EASY LIKE SUNDAY MORNING
Looking for the coolest sports cars for the summer? Sean Li picks out the cream of the crop, from exotics and SUVS to practical but still sporty models soon to hit the roads
Aston Martin DB11
Few marques have such a cool factor attached to them as Aston Martin. It’s not just because it’s the car of choice for a certain secret agent, but it’s the understated way that Aston Martin presents itself. After a year or so of internal restructuring, the brand is back with a twin-turbo V12 engine in the new DB11, and a new design that’s immediately recognisable but distinct from its previous models. It remains to be seen how well the engineers in Gaydon have managed the transition to turbocharged engines.
The Bentley Bentayga has an interesting history. A prototype was unveiled in 2012 to very mixed reviews, primarily on its aesthetics. At the time, Bentley promised it would improve before the production version. Now that the Bentayga has been formally unveiled, the jury is still out. Let’s just say that it’s an acquired taste—but there’s an undeniable appeal to the Bentayga if you’re keen on the SUV segment, especially with one that can reach 300km/h and still has true off-road capability. The interior is spectacular, with all the hand-finished leather you’d expect, and even an option for a tourbillon clock in the dash that has an automatic winding mechanism. Unfortunately, that option may be sold out by the time you place your order.
At one point, BMW’S tag line was “the ultimate driving machine.” The M series has always represented the epitome of the true driver’s car—one where the controls seemed directly wired to your brain. As the M cars matured, though, there was a middle-age shift where the performance was still there, but with a little aloofness. Not so with the M2, which seeks to redress the balance and bring back the original spirit of the M series. It’s more compact, but a true M car through and through. Thankfully, it’s even available with a manual gearbox; don’t hesitate to tick that option if you’re so inclined.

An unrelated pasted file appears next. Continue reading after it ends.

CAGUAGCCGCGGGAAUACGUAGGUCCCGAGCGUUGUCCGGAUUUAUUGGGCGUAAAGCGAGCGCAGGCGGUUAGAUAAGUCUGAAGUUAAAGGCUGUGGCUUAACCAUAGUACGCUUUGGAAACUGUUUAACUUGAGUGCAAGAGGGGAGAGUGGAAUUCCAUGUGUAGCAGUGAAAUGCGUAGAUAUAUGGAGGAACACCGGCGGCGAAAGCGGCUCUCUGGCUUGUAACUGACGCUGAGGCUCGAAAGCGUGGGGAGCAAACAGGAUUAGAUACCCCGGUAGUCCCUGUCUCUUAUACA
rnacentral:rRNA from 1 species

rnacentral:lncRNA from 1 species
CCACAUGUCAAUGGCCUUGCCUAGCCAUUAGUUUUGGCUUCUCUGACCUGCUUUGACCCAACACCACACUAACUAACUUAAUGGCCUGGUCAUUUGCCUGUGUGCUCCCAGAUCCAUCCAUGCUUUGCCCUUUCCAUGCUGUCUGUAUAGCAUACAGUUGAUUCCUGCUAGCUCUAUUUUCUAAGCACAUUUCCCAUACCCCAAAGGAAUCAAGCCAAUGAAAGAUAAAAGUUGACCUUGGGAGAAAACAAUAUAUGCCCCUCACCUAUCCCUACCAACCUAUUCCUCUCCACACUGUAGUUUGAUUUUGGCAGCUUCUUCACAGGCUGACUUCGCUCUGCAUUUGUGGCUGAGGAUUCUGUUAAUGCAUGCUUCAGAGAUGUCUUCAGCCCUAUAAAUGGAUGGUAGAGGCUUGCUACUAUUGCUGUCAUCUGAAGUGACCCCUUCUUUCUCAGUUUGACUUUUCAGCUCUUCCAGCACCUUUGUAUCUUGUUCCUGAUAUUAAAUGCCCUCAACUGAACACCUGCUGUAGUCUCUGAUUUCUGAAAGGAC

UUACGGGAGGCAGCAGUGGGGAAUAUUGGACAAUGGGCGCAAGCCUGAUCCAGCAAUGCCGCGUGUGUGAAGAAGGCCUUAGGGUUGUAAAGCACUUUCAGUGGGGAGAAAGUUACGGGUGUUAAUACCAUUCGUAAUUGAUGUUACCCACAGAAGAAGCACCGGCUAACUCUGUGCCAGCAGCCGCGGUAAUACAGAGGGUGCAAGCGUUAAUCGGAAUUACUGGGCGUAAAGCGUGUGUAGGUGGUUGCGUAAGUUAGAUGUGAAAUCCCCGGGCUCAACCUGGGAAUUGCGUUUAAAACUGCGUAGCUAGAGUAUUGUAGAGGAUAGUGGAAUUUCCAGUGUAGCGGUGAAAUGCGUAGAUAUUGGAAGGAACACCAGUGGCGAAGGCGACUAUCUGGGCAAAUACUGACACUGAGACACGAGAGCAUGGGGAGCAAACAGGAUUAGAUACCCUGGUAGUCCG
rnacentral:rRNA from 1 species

Ferrari GTC4 Lusso
The Ferrari GTC4 Lusso is the successor to the marque’s first four-wheel-drive car, the FF, and a true four-seater to boot. While the California is said to be a 2+2, you’d be hard-pressed to seat four people comfortably unless they’re all of a diminutive stature. The GTC4 Lusso brings an updated design while the mechanics are still crammed with lots of acronyms derived from Ferrari’s racing division. I’d urge you to test-drive the GTC4 Lusso (or the FF while you wait for the Lusso to arrive in Hong Kong), as it will definitely open your eyes to what an all-round Ferrari is—providing the exceptional performance and heritage of the prancing horse, but in full comfort for you and your passengers.
The original Honda NSX dates back to 1989—a time when Honda enjoyed much success as a Formula 1 engine builder, but was better known for its family saloons and a few hot hatchbacks than its road-going sports cars. At the time, though, Honda had much higher aspirations. With the help of the late Ayrton Senna, it developed the NSX—A wake-up call to the exotic brands who hadn’t considered competition coming from the Pacific. It went dormant for some 10 years, but Honda is bringing it back, stuffed with all the latest technologies: a lightweight chassis, four-wheel drive through a nine-speed dualclutch gearbox (remember when we could make do with five speeds?) and a 550bhp hybrid engine.
Lamborghini Huracán LP610-4 Avio
The Huracán made landfall just two years ago and has been a roaring success for the Sant’agata Bolognese brand. Gone were those criticisms that Lamborghinis could be difficult to drive; the Huracán provided the performance that one would expect, as well as the instantly recognisable styling—you don’t get a Lamborghini if you’re trying to make a discreet entrance—but with a polarised personality, being easy to drive and almost docile in city traffic. If you’ve ever wanted your exotic car to remind you of a high-performance jet, or feel that too many of your neighbours have “regular” Lamborghinis, the new limited edition Huracán LP610-4 Avio is for you. Inspired by jet fighters, the Avio will be available in five distinct colours, complete with racing stripes and a specific L63 emblem (for Lamborghini’s founding date in 1963) embroidered on the seats. Only 250 will be made, giving you a distinct advantage in the exclusivity category for a Sunday morning drive.
If you’re particularly fond of Italian exotics and SUVS, don’t wait for Ferrari; the company has stated categorically that it’s not going to build one. Lamborghini is (in the form of the Urus) but you’ll have to wait at least two years before the first deliveries. In the
DESIGNER STYLE The Maserati Levante is a capable off-roader, with an interior designed by Ermenegildo Zegna